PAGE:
The assassination of Iranian commander Gen Qasem Soleimani will not spark a Third World War as some have alluded to. It is true that the First World War was triggered by a remarkably similar event. A Bosnian-Serb nationalist Gavrilo Princip, shot and killed heir-presumptive Archduke Franz Ferdinand of Austria in Sarajevo on June 28, 1914, triggering an unprecedented world war which claimed 17 million lives, injured 20 million and displaced millions.
Although the increasingly multi-polar conditions in international relations today may be similar to that of 1914, the competing power blocks today are unwilling to risk going to war. The risks of loss far outweigh the possible gains and advantages. Even Iran itself is unwilling to provoke a full-scale war with the US, and instead prefers to fight in the shadows, as it looks for an opportunity to exert what it calls strategic revenge on the US or its allies. Gavrilo’s action that triggered the First World War first and foremost threw the diplomatic community into confusion. It then created a crisis and an emergency. And because communication, then, was poor and rudimentary compared with today’s instantaneous multi-source, multi-form communications, the crisis became a complex emergency that could not be resolved by the tools available to diplomats at that time.
The reasons Gavrilo’s action triggered the First World War included misperceptions of intent among the then great powers (Britain, Germany, Russia, Italy, France, US and Belgium); miscalculations; fatalism; and clashing interests by these powers over their colonial exploits and spheres of influence. Today, there are many factors that will prevent, or even slow down countries from triggering a World War-scale event. These include the existence and presence of the United Nations and other regional inter-governmental institutions where serious disagreements are bound to be addressed, albeit not fully. There was neither the League of Nations nor the United Nations in 1914. Secondly, key countries in the Middle East like Turkey, Egypt and the Gulf monarchies such as Saudi Arabia, the United Arab Emirates and Qatar are now interested in diplomatic solutions to serious problems affecting the Middle East.
However, the US-Iran conflict’s latest escalation thrusts the world deeper into a nuclear problem. North Korea’s Kim Jong-Un is keenly watching President Trump’s behaviour and intentions in the way it deals with Iran. Iran could as well summarily thrash the Joint Comprehensive Plan of Action (JCPOA) nuclear agreements with the P5 + 1 (UNSC Permanent Members — US, UK, China, Russia, France and Germany). JCPOA set the limits on Iran’s nuclear programme guaranteeing in a verifiable manner, that it does not produce nuclear weapons.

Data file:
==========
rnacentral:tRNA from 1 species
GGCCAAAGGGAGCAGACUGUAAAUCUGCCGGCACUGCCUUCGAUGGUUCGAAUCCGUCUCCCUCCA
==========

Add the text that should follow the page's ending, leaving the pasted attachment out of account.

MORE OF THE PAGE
Although there are many regionalised centres of power today, with China, Russia, European Union, Britain and others staking their claims in their respective spheres of influence; power — particularly military power, is still controlled by the US given its technological advancements and expenditure on defence. The US emerged out of the post-cold war unipolar world stronger, compared with the previous bipolar world in which former Soviet Union competed with it. So, it is the US that would want to initiate a major war with Iran. And this would be a major miscalculation on the part of the US, because its actions would severely harm its interests and allies in the Middle East, Africa and Asia.
Because Russia, and to some extent China, are Iran’s allies; they may vigorously challenge the US at the United Nations Security Council from attacking another country in an all-out war.
US-Iran Conflict has already harmed Kenya and the region. The unilateral sanctions imposed by the US is now demanded on other countries to do the same by the superpower. International Trade is first to suffer. Kenya has had to cancel a deal of importing 80,000 barrels of Iranian oil at concessionary rates. Kenya exports tea and other products to Iran. Kenya and many African countries have significant trading partners in the Middle East, particularly the United Arab Emirates and Saudi Arabia, which will be negatively affected in case of another all-out war in the region. Already, the price of oil has sharply increased in the last few days after the assassination of Maj-General Soleimani.
The biggest challenge, though, countries in the region and Africa will face in the medium to long term is ideological competition, which could easily be weaponised. Sectarianisation of Shia-Sunni conflicts will increase, and politicised. Such religionisation of politics will deepen suspicions, increase existing, and cause new, conflicts. In Nigeria for example, the followers of Sheikh Ibrahim Zakzaky of the Shia-based Islamic Movement in Nigeria have clashed with the Nigerian State security agents for a while now, thus slowing down the fight against Boko Haram and terrorism. The unsettled Sahel region will suffer more instability. Yemeni conflict has historically been considered as part and parcel of the Horn of Africa conflict system. The Horn will experience significantly higher military activities and conflicts as states in the Gulf try to cover and protect their Eastern flanks located in the Red Sea and Horn of Africa regions from a possible infiltration by the Iranian-supported Houthi fighters.
Dr Mustafa Y. Ali is the Chairman of the Horn International Institute for Strategic Studies.